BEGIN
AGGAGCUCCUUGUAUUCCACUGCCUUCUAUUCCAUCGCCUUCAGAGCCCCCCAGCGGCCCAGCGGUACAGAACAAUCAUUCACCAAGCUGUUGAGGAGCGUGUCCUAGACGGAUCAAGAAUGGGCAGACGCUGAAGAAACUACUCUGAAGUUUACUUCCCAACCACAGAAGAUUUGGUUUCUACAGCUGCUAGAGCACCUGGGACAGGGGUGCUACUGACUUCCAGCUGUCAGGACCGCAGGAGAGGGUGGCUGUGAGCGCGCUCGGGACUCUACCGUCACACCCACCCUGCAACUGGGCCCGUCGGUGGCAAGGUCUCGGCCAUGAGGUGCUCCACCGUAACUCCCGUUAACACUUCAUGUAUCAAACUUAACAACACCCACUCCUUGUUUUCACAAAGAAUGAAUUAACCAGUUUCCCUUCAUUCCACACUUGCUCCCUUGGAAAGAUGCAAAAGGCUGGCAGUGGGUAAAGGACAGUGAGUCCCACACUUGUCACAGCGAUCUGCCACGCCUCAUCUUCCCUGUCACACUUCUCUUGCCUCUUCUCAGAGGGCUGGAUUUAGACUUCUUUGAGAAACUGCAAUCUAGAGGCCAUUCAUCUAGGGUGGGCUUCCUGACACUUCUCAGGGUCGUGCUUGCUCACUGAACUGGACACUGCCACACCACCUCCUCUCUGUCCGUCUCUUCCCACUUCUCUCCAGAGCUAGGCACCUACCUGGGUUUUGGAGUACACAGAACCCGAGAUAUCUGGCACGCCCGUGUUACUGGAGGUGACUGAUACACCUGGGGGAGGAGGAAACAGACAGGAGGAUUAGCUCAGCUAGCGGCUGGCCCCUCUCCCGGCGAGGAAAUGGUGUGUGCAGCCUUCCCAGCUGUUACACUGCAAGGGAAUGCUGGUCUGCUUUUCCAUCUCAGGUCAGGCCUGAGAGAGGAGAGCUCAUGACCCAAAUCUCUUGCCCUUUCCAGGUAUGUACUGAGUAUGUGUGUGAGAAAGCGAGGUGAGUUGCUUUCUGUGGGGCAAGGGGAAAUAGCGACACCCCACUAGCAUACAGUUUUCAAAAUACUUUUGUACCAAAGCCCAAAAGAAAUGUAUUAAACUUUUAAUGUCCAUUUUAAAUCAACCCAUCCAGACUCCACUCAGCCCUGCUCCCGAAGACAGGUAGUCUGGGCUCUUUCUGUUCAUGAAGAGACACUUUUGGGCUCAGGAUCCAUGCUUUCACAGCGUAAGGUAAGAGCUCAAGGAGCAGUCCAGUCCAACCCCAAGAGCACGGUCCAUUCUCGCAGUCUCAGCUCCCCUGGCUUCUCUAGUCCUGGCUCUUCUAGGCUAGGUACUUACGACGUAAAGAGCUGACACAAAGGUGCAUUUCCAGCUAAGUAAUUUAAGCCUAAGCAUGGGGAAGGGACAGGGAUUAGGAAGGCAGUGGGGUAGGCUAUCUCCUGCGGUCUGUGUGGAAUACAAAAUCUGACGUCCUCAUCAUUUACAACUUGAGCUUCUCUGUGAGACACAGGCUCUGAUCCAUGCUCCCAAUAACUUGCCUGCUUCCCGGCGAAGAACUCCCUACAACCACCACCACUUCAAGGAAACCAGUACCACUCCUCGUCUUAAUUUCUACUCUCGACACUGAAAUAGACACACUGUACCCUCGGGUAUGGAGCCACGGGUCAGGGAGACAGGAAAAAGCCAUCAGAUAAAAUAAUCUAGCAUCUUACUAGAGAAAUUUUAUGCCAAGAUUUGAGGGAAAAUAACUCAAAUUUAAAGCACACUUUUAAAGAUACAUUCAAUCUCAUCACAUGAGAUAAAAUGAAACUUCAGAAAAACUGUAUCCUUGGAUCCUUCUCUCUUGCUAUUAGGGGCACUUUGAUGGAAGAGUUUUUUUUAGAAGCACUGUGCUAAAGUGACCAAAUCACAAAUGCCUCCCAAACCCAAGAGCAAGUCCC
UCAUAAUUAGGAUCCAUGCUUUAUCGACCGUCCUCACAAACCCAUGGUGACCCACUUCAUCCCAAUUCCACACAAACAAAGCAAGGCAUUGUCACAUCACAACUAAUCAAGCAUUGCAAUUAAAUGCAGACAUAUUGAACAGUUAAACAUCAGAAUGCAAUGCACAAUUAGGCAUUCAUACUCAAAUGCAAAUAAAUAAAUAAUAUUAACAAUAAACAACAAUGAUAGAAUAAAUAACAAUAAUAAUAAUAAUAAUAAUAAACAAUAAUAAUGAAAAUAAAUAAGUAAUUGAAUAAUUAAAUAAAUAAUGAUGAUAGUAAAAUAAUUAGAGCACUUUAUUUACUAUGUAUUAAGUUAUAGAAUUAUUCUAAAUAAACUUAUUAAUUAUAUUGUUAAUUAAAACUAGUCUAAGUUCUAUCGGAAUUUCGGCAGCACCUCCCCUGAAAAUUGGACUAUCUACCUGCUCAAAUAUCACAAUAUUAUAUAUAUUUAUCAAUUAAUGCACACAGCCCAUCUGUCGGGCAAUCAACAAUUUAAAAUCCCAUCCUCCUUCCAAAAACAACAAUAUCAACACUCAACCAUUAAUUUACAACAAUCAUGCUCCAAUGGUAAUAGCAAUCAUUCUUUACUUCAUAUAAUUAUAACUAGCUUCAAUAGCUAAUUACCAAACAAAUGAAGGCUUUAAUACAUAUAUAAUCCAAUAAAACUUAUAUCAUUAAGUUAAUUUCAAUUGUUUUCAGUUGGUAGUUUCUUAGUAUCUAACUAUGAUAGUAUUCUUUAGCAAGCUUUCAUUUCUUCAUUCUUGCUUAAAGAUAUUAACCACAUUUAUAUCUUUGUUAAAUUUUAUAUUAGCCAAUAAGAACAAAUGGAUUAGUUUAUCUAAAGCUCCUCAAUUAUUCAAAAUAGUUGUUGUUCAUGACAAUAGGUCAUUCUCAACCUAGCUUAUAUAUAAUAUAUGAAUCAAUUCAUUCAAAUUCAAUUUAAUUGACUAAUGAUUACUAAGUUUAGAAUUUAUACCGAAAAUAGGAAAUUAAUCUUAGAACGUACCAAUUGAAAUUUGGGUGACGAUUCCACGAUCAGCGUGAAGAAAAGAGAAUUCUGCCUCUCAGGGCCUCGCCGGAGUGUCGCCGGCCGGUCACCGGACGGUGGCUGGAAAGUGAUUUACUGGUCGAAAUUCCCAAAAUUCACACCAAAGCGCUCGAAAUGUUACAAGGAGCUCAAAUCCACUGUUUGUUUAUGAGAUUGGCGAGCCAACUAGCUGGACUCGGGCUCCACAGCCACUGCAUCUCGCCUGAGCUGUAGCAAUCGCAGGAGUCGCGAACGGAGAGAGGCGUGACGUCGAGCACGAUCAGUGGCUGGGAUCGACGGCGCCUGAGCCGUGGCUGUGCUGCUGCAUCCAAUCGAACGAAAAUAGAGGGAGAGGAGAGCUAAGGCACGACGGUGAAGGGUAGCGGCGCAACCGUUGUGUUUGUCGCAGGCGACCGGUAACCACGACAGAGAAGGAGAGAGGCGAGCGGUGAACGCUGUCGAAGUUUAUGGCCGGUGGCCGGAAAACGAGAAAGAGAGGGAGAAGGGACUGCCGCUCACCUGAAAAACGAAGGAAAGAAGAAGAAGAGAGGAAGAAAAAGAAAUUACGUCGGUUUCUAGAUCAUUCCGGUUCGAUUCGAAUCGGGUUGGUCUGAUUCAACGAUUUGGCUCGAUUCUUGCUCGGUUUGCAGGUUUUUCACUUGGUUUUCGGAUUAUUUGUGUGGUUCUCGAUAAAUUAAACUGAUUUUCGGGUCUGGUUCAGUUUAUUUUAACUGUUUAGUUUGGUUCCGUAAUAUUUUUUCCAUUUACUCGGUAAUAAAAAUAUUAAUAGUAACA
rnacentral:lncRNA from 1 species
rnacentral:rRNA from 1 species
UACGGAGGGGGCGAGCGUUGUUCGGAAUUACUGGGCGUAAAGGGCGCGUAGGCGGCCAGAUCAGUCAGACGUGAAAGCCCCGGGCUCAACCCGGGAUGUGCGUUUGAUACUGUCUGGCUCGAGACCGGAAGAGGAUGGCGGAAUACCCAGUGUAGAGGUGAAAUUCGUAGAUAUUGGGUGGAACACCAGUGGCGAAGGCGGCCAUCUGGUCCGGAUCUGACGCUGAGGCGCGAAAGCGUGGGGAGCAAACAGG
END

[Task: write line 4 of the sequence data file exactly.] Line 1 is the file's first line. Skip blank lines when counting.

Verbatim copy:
rnacentral:rRNA from 1 species